• Take advantage of cross promotion opportunities (e.g. multi-author box sets, themed multiple author promotions on sales, multi-author parties on social media, etc.)
  • Be adventurous and willing to fail if it doesn’t work out.
  • Always be introspective and evaluate what isn’t working, even if it’s craft. Especially if it’s craft.
  • Something I heard at NINC really got me thinking. An editor from a traditional house made the comment, “I know you authors just really want to be read.” To that, astonished authors in the audience replied, “No, we want to be paid to be read.” Do not swallow the line that you should be in this just to be read. There is nothing wrong with wanting to be paid and wanting to earn a living at doing what you love.
  • You do not need anyone’s validation but that of the readers. (And the vast majority of readers do not care how a book is published).
  • Authors could see their colleagues as allies rather than competition. There is strength in teaming up, sharing information and collaborating!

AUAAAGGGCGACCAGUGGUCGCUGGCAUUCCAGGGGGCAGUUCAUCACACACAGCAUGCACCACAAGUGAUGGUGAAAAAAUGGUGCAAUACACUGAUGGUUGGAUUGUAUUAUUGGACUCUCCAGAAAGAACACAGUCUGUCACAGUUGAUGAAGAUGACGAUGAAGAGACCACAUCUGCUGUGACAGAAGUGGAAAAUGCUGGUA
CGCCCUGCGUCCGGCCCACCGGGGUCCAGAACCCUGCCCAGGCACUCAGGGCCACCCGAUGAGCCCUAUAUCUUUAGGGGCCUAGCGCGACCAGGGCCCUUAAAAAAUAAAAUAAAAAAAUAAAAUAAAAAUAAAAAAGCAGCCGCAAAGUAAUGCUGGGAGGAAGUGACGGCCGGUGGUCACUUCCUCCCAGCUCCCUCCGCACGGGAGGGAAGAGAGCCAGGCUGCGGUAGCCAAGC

• Work your hardest to put out the best quality product that you can. It will pay off in the long term.
  • Keep your eye on the long tail. A book may have a less than spectacular launch but that doesn’t mean it’s failed because the first 30 days are lackluster. For example, my 2nd book sold many more copies in the month right before launching book 3 than it ever did in its launch month, 4 months earlier.
  • You learn new stuff—about craft, about marketing, about publicity—with every book you put out.
  • Just because another author did something that worked well for them does not mean it will work well for you. You could emulate another author in every way and have a completely different result. Things that work/don’t work for another author may not have the same results for you!
  • There is no formula for success, so you aren’t going to necessarily succeed by mapping out someone else’s career.